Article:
The 9th World Chess Champion Tigran Petrosian was nicknamed “the Iron Tigran” and “the Chess Lefty”. He got the first nickname for his unsurpassed skills in defense, while he was called “Lefty” for his unusual way of playing, which had been taking aback his most sophisticated opponents for decades.
He was hardly the darling of fortune: his mother died when he was a child, and his father, who worked as a cleaner at the officers’ community centre in Tbilisi, died soon as well. In the 1940s, Tigran took up chess, learning how to play the game from his mentor Archil Ebralidze at the community centre of the pioneer organisation in Tbilisi. Ebralidze was a big fan of Jose Capablanca, and Petrosian also became a life-long admirer of the great Cuban master, whom Tigran always sought to emulate.
When World War II ended in 1945, the 16-year old Petrosian put his name on the map by winning the junior chess championship of the USSR (and repeating his success for a second time the following year). 5 years later, Tigran Petrosian, who had by then moved to Moscow, split the second and the third prize with Efim Geller in the male Chess Championship of the USSR. In 1953, he took part in the Candidates Tournament in Zurich where he finished 5th.
A few more years went by, and Petrosian went for the World Chess Champion title in earnest. Twice (in 1959 and 1961) he won the USSR Chess Championship, demonstrating deep knowledge of setup, excelling at end-game, and putting up a skillful defense (every time he lost it was treated as a sensation). Eventually, his hour struck in 1962 at the Candidates Tournament on the island of Curaçao. Petrosian finished first without losing a single game out of 27(!), and earned the right to challenge the reigning champion Mikhail Botvinnik.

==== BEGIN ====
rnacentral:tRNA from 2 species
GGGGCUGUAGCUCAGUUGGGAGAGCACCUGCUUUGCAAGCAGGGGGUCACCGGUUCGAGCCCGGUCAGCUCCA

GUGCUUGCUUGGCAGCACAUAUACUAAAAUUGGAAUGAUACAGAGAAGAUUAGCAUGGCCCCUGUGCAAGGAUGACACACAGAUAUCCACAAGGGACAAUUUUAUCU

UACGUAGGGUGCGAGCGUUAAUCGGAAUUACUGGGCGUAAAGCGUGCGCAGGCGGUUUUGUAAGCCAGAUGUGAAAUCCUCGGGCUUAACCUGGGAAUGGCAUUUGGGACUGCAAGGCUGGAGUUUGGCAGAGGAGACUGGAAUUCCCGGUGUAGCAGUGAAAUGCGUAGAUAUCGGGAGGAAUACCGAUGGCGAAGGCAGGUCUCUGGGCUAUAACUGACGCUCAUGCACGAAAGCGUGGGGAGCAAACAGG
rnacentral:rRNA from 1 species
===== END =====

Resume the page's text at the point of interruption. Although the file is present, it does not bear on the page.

Mikhail Botvinnik was the patriarch of the Soviet chess school at the time, yet the 33-year old Tigran Petrosian won the match in 1963 with a score of 12.5 to 9.5, which made him the new World Chess champion. Moreover, for the next six years, just like his favorite master Casablanca, Petrosian had been remaining the reigning champion. In 1966, he defended the title against Boris Spassky with a score of 12.5 to 11.5. Three years later, he got dethroned by the same Spasskywith a score of 10.5 to 12.5.
For many years to come, however, Tigran Petrosian was regarded as one of the most formidable chess players on the planet: he won the USSR Champion title twice in 1969 and 1975, won the major international tournaments and the candidate matches. In 1979, at the age of 50(!), he won the Interzonal tournament (together with Portisch and Huebner).
Petrosian holds a multitude of impressive records. He completed six USSR Championships without a single loss. As a member of Team USSR at the 10 World Chess Olympics (between 1958 and 1978), he achieved an unprecedented result of 79 victories, 50 draws and just one loss. At his peak Tigran Petrosian was truly unbeatable. What he valued the most in chess was logic. “I’m convinced beyond the shadow of a doubt that there are no accidents in chess, and this is the principle I live by. I really like only those games where I followed the logic of the setup... I believe only in the logical, straightforward chess game,” the 9th World Chess Champion wrote.
He wrote a lot of articles, was chief editor of the “64” Magazine, started his own chess school and proved to be a gifted teacher. Tigran Petrosian died in Moscow in August 1984 at the age of just 55.